Seamus Coleman's comments after France show why he should captain Ireland for the next six years
Seamus Coleman doesn't accept second best.
He doesn't understand the concept of being bettered and his DNA doesn't allow him to see how anyone could let another man beat them twice.
Coleman isn't perfect. He's sold himself once or twice in this tournament, he's lost the ball, he's lost his marker but it is that awareness he has that nears him closer to perfection every time.
Against France, on the biggest stage, he was striving for perfection again.
He was hitting blue shirts with respect only for his own country of birth. He was chasing back after loose balls with pace and vigour, getting his body in the way time and again and carrying the thing to safety with no relent.
He got rolled by Payet once. He fouled him. It wouldn't happen again. The next time the West Ham player tried it, Coleman emptied him.
He patrolled Parc Olympique Lyonnais on Sunday with manic aggression; with almost possessed brutality.
He patrolled the Lyon pitch like a general obsessing over whether his troops were carrying out their duties. Like a general addicted to leading by example and the thrill of putting his own neck on the line before risking any other man's.
The Donegal native seems to be hooked on this game, on his own game. It looks to be an almost unhealthy high that he's searching for, that pursuit of perfection. It's like he won't stop until he finds it.
McCarthy is f**king on it tonight
Seamus Coleman is making damned sure of itpic.twitter.com/Vsy5SfTPYd
— Conán Doherty (@ConanDoherty) June 22, 2016
That's why he doesn't take any solace from the perception that Ireland can be proud of themselves. He doesn't take heart from a gallant effort or from any kind of nearly story. He doesn't even care if France are a good team.
"Ack, they're a top side with top players but we had total belief that we could get something from that game," he wore the arm band and he didn't take it as a procession, he took it as open fire.
"We felt like the game was there for us after the first half. Unfortunately France came on strong and we couldn't see it out. The way we started in the first half, I thought we were brilliant but their quality probably came through a bit in the end."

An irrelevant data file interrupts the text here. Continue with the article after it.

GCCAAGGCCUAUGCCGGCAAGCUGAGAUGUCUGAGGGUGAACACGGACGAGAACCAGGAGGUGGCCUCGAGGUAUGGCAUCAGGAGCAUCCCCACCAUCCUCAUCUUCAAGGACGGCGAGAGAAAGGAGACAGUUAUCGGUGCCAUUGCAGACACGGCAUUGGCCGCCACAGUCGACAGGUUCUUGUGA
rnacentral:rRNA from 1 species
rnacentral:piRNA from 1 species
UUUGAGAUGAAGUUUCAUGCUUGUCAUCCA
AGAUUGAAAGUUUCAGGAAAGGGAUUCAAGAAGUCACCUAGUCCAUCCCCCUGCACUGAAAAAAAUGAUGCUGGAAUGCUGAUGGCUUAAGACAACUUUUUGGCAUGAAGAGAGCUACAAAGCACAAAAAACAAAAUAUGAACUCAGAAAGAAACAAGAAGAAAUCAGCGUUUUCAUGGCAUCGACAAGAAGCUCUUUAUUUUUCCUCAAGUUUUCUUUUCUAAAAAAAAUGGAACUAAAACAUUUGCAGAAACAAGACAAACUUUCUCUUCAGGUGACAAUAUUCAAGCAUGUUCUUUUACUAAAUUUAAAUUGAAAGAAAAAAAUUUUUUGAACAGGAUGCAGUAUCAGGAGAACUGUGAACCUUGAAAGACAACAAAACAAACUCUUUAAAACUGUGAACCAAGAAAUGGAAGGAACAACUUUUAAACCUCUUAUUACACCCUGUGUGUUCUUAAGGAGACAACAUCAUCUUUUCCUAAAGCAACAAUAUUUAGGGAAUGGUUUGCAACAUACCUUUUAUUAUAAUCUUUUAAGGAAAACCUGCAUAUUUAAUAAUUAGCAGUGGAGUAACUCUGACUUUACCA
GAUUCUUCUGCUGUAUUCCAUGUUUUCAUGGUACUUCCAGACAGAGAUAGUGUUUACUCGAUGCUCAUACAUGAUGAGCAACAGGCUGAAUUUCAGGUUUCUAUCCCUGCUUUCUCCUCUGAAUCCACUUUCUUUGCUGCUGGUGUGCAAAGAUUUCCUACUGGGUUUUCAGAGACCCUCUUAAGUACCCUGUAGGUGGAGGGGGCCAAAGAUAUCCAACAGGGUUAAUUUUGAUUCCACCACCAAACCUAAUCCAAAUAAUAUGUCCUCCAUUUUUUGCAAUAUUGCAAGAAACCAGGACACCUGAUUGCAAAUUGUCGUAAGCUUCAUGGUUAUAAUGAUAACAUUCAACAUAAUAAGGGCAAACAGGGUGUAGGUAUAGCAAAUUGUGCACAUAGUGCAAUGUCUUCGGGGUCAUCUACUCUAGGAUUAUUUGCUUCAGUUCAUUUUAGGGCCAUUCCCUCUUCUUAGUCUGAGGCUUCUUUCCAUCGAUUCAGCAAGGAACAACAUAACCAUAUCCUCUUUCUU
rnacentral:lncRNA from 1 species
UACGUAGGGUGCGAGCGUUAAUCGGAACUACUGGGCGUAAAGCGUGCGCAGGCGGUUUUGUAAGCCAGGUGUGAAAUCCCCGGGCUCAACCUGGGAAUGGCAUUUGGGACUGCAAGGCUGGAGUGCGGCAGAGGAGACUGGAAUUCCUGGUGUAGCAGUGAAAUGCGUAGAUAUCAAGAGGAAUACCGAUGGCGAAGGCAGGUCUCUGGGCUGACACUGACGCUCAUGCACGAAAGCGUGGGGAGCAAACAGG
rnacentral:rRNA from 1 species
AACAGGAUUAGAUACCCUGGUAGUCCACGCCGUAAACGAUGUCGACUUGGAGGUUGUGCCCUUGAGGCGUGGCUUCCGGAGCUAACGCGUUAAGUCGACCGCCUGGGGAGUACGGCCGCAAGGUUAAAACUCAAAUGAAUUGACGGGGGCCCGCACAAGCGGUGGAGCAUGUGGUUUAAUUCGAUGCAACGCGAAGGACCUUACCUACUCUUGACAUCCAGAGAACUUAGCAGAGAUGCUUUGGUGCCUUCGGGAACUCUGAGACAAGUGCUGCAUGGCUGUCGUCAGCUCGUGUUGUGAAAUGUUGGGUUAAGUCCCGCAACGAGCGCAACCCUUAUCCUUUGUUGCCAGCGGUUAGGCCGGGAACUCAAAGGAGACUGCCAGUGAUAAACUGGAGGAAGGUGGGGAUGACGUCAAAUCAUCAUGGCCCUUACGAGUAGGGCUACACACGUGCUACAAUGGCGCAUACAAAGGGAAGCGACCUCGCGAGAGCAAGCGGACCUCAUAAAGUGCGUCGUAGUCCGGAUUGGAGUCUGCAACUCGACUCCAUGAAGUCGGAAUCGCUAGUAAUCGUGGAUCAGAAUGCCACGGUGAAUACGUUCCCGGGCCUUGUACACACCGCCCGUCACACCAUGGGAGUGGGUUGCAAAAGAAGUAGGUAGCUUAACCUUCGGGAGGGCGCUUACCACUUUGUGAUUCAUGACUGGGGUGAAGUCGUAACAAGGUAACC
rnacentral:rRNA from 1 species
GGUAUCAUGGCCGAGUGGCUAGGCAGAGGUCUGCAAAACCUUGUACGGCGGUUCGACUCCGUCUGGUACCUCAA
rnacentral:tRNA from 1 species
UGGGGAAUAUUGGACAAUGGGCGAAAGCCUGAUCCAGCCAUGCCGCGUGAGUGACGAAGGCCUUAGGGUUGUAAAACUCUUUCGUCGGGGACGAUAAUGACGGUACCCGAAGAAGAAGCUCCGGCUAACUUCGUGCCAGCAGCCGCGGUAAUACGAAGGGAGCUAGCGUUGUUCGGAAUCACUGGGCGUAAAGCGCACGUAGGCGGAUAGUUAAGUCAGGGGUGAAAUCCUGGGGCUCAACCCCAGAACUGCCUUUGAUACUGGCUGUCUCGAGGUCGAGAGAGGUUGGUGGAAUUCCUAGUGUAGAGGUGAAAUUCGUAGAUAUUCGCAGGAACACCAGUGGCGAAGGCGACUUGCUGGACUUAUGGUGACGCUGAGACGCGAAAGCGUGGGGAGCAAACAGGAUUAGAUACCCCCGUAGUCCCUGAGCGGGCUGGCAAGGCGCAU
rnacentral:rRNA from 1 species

Total belief. He wouldn't expect anything less. He wouldn't accept anything less.
For Coleman, he wasn't playing a special occasion. He was playing for his country, that's occasion enough and it didn't matter if it was the host nation or a European championship second round or whatever, it was a game of football that was there to be won.
He always believes that they're there to be won.
"I don't really like that cliche, getting a goal so early. You'd take a goal any time you can get and, to be honest, I thought we played well for the rest of that first half," he said with almost dissatisfaction that the French weren't put away. "It's just the second half unfortunately, they came at us a bit more and we found it hard. They probably had a bit more freshness in the legs.
"We were 1-0 up and we wanted to see it out. We probably could've went 2-0 up. We had a chance, I think Lloris tipped it away from Longy's foot.
"They're a top team and I suppose the extra few days might've helped them because they came at us a little bit more and they seemed to have a little bit more in the legs which is diasppointing. We're disappointed with ourselves because we really thought we could get something from it."
Coleman is 27 now. There's talk of him moving on, moving up, taking the next step to establishing himself as one of the best in the world. In all that, one thing is for sure. He'll be leading his country through the World Cup qualifiers.
He'll be captaining them in the next European campaign too and, God willing, even beyond that.
"It's an honour, it's a privilige to captain your country. It's something I really enjoy doing but it would've been all the better if we could've got the win out there tonight.
"The fans are different class. We just want to thank the fans for how good they've been in this tournament. I'm not surprised really. They're amazing and hopefully we've made them proud in some way."